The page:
A damning report has claimed that more than 150 church leaders in the Archdiocese of Baltimore committed offenses against minors
The Catholic Archdiocese of Baltimore covered up decades of child sexual abuse by priests and other church leaders dating as far back as the 1940s, the Maryland Attorney General’s Office has claimed in a damning report following a four-year investigation.
More than 600 children were sexually abused at the hands of over 150 clergy, nuns, seminarians and deacons, according to the report, which was released on Wednesday. The investigation alleged an “incontrovertible history” of “pervasive, pernicious and persistent abuse,” which was allowed to continue as diocese officials chose to safeguard the institution rather than protect the children in their congregations and schools.
“This report illustrates the depraved, systemic failure of the archdiocese to protect the most vulnerable – the children it was charged to keep safe,” Attorney General Anthony Brown said in a statement. The report noted that the “sheer number of abusers and victims, the depravity of the abusers’ conduct and the frequency with which known abusers were given the opportunity to continue preying upon children are astonishing.”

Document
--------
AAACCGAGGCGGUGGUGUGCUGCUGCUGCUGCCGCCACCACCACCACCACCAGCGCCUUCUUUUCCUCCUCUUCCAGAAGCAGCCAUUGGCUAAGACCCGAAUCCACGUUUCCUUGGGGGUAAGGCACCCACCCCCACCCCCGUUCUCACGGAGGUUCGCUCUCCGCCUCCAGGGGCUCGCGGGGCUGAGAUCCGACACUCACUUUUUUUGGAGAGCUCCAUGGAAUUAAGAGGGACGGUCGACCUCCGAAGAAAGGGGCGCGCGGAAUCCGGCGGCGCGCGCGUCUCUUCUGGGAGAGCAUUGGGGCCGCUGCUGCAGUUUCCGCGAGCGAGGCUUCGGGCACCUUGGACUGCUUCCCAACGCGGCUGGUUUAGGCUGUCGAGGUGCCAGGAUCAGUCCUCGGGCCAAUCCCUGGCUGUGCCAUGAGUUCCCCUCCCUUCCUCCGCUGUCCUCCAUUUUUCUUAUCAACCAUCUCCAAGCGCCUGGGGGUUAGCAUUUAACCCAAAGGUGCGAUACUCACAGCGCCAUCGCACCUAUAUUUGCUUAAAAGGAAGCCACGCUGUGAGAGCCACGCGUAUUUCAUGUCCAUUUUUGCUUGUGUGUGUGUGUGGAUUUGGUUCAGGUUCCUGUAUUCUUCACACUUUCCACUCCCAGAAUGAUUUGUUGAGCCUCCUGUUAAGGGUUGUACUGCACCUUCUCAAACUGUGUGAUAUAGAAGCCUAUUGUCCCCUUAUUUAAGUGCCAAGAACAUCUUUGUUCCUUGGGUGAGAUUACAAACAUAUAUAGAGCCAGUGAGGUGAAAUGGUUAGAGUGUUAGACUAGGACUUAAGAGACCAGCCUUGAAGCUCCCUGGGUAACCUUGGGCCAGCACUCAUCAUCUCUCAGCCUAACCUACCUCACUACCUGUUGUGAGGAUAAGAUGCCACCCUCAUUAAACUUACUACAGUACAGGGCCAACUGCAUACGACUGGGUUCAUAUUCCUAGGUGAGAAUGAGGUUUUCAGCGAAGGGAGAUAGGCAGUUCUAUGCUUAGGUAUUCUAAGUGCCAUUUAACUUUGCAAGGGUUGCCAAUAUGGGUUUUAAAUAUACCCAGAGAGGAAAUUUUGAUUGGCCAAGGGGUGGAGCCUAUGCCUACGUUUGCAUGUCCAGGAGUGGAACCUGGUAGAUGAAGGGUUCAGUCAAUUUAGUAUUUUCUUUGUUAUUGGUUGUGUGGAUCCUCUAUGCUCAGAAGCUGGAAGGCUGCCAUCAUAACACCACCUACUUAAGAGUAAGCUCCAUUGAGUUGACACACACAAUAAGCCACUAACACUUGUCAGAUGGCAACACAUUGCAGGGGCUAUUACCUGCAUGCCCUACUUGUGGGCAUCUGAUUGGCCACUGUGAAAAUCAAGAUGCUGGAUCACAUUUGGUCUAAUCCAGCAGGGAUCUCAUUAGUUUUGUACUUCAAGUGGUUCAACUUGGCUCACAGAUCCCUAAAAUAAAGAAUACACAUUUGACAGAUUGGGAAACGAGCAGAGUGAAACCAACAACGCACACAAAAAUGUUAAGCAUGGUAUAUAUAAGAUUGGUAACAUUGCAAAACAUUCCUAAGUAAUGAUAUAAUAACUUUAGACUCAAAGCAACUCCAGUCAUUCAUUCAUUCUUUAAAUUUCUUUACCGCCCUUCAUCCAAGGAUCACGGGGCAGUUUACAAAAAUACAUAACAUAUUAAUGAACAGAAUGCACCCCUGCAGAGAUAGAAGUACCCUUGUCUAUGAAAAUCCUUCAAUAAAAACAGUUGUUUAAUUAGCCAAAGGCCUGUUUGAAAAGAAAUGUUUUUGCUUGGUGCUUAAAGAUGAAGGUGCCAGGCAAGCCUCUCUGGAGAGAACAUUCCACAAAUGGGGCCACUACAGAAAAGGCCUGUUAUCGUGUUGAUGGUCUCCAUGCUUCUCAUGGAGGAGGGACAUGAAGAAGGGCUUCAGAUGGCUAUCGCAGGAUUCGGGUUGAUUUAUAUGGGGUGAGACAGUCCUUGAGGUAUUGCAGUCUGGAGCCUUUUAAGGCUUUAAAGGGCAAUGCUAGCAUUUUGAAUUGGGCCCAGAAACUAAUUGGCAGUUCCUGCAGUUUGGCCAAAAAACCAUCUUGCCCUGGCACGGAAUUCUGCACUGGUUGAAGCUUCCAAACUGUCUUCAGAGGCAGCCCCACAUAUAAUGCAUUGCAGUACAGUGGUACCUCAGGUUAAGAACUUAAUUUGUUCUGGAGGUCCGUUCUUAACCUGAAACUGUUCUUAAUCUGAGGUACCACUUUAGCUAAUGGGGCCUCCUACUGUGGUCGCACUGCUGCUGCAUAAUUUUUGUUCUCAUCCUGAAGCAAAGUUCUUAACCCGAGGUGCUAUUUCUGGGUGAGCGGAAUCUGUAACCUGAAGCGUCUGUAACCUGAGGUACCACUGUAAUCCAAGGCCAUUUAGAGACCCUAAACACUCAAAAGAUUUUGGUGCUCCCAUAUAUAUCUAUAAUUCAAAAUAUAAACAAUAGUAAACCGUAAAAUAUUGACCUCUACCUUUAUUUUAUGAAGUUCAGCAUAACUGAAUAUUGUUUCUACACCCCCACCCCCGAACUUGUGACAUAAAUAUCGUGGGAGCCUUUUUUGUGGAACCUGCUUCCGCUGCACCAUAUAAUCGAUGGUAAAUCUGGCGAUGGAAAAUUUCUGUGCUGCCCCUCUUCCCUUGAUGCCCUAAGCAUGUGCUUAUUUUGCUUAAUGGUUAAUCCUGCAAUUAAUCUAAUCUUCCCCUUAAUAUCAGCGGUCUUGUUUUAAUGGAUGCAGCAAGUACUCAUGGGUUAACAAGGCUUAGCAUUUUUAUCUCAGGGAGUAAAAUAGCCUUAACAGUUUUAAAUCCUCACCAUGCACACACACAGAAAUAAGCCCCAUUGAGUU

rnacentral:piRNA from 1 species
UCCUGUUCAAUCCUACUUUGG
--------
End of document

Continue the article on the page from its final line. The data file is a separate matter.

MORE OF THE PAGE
In fact, the abuse was allegedly so pervasive that some churches and schools had more than one offender on staff at the same time. A parish in Catonsville, Maryland, had 11 separate abusers between 1964 and 2004.
The archdiocese, the oldest Roman Catholic diocese in the US, didn’t protect victims when allegations of abuse surfaced, according to the state report. For example, when learning in 1987 that a clergyman had sexually abused a 14-year-old girl and admitted to being “aroused by some young girls,” the diocese told the victim that he would be given therapy and reassigned away from children. The diocese took no other action until additional victims came forward in 1994. By then, the report said, nine other girls had been abused, and there were indications of other victims who chose not to report their cases.
The probe focused on abuse prior to 2002, when a bombshell media report on the coverup of sexual abuse allegations by the Archdiocese of Boston led to reforms by the church, including lifetime bans of offenders. However, the attorney general’s office claimed that the Archdiocese of Maryland failed to fully implement needed reforms. For instance, it failed to publicly list all of the abusers it knew about and allowed some to retire with pensions, rather than be ousted.
The report recommended eliminating Maryland’s statute of limitations for claims of childhood sexual abuse, allowing victims to file civil lawsuits for their damages. State lawmakers passed such legislation on Wednesday, approving a bill that would end the current restriction barring alleged victims from suing after they reach age 38.